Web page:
Therefore, my recommendation is:
Add alt text to the Description field. Leave the Title field blank.
A Note About Office for Mac
To add alt text to images in Office for Mac, you need Office 2011 SP 1 or higher. There is no support for alternate text at all in earlier versions.
A Few Notes About Exporting to PDF
Office for Mac 2011 can save as PDF, but it doesn’t produce a tagged PDF, so any accessibility information, including heading structure and alt text, is lost in the conversion. So, don’t use Office 2011 for Mac to convert to PDF!
Prior to Office 2010, saving an Office document to a tagged PDF required the Adobe PDFMaker Plug-in.
Office 2010 has the ability to Save As… PDF without a plugin. By default the output is a tagged PDF, with accessibility information such as heading structure and alt text intact and fully accessible. However, when saving as PDF the Save As dialog includes an option to "Minimize size (publishing online)":
It might be tempting to check that box, but if you do so, that automatically removes the structure tags, and with them go all hopes of accessibility. So, you would then need to be sure to select the Options button, then in the Options dialog check the box to include "Document structure tags for accessibility" before finally saving.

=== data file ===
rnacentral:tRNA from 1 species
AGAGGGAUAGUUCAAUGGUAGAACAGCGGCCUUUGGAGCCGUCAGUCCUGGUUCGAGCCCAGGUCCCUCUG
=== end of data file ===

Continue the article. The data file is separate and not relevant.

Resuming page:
I did a quick test to see how minimization and accessibility are related.
I created a one-page Word document that included 163 words and two images. Then I saved it as PDF using three different settings:
- Standard document with tags = 160 kb
- Minimized document, no tags = 143 kb
- Minimized document, with tags = 152 kb
I also tried with a larger document, 41 pages with 18,756 words and two large images. After thrice saving to PDF, I had produced:
- Standard document with tags = 381 kb
- Minimized document, no tags = 356 kb
- Minimized document, with tags = 373 kb
In each case, the minimized tagged file seemed ok – the tagged structure was identical to the standard version. So if file size is a high priority, there is some benefit to minimizing the file, but the trade-off is that you now have an extra step to remember: Always be sure to turn the document structure tags feature back on after choosing to minimize.
In all versions of Office, printing to PDF is different than saving as PDF. Printing to PDF does not capture any of the accessibility information, so don’t do it.
A Few Notes About Saving As HTML
Word can save as HTML, but it’s infamously bloated, invalid, and generally awful code. In Word for Windows, there’s an option to save as "Filtered HTML" which produces a cleaner version. In Word for Mac, the same option is available but under a different name. To produce relatively clean HTML in Word 2011, select "Save only display information into HTML". Not sure what that means, but it works.
PowerPoint 2011 for Mac does not have an option to save as HTML.
PowerPoint 2011 for Mac is also unique in that when an image is added, it automatically populates the description field with a file name. File names do not make good alt text – be sure to replace this. I haven’t observed this behavior in any other version of any other product within the Office suite for many years, although it does bring back fond memories of one of my all-time favorite Microsoft products…